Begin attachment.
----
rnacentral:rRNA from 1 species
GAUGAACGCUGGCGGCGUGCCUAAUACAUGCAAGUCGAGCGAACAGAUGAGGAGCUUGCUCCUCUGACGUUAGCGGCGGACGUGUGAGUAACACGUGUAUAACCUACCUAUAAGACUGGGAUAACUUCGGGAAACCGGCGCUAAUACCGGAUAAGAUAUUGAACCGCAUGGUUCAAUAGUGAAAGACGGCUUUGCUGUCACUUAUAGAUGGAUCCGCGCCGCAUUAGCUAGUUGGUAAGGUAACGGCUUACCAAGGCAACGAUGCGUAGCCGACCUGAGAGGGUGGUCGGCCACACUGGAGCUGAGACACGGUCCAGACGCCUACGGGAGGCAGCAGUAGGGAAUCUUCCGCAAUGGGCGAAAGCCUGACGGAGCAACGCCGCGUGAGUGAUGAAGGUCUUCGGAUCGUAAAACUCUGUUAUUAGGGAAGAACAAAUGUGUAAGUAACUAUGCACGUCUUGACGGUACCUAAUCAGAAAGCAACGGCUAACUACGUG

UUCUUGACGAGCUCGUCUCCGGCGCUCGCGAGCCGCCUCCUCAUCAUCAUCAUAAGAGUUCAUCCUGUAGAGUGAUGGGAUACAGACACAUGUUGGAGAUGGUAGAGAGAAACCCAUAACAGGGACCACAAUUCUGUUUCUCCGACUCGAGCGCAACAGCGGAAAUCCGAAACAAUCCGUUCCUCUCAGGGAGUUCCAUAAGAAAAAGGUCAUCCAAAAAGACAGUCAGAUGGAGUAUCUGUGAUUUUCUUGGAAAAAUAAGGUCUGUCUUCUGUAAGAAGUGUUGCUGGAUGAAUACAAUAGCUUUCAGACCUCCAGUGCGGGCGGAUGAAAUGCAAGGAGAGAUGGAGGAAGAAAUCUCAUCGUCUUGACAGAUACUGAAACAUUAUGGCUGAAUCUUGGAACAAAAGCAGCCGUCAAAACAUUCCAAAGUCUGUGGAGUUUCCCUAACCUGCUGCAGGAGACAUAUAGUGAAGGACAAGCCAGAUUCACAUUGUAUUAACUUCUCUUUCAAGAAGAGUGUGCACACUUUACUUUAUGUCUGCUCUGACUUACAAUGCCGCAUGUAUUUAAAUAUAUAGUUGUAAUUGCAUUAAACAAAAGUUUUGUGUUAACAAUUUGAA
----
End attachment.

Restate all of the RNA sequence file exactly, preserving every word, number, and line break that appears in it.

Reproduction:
rnacentral:rRNA from 1 species
GAUGAACGCUGGCGGCGUGCCUAAUACAUGCAAGUCGAGCGAACAGAUGAGGAGCUUGCUCCUCUGACGUUAGCGGCGGACGUGUGAGUAACACGUGUAUAACCUACCUAUAAGACUGGGAUAACUUCGGGAAACCGGCGCUAAUACCGGAUAAGAUAUUGAACCGCAUGGUUCAAUAGUGAAAGACGGCUUUGCUGUCACUUAUAGAUGGAUCCGCGCCGCAUUAGCUAGUUGGUAAGGUAACGGCUUACCAAGGCAACGAUGCGUAGCCGACCUGAGAGGGUGGUCGGCCACACUGGAGCUGAGACACGGUCCAGACGCCUACGGGAGGCAGCAGUAGGGAAUCUUCCGCAAUGGGCGAAAGCCUGACGGAGCAACGCCGCGUGAGUGAUGAAGGUCUUCGGAUCGUAAAACUCUGUUAUUAGGGAAGAACAAAUGUGUAAGUAACUAUGCACGUCUUGACGGUACCUAAUCAGAAAGCAACGGCUAACUACGUG

UUCUUGACGAGCUCGUCUCCGGCGCUCGCGAGCCGCCUCCUCAUCAUCAUCAUAAGAGUUCAUCCUGUAGAGUGAUGGGAUACAGACACAUGUUGGAGAUGGUAGAGAGAAACCCAUAACAGGGACCACAAUUCUGUUUCUCCGACUCGAGCGCAACAGCGGAAAUCCGAAACAAUCCGUUCCUCUCAGGGAGUUCCAUAAGAAAAAGGUCAUCCAAAAAGACAGUCAGAUGGAGUAUCUGUGAUUUUCUUGGAAAAAUAAGGUCUGUCUUCUGUAAGAAGUGUUGCUGGAUGAAUACAAUAGCUUUCAGACCUCCAGUGCGGGCGGAUGAAAUGCAAGGAGAGAUGGAGGAAGAAAUCUCAUCGUCUUGACAGAUACUGAAACAUUAUGGCUGAAUCUUGGAACAAAAGCAGCCGUCAAAACAUUCCAAAGUCUGUGGAGUUUCCCUAACCUGCUGCAGGAGACAUAUAGUGAAGGACAAGCCAGAUUCACAUUGUAUUAACUUCUCUUUCAAGAAGAGUGUGCACACUUUACUUUAUGUCUGCUCUGACUUACAAUGCCGCAUGUAUUUAAAUAUAUAGUUGUAAUUGCAUUAAACAAAAGUUUUGUGUUAACAAUUUGAA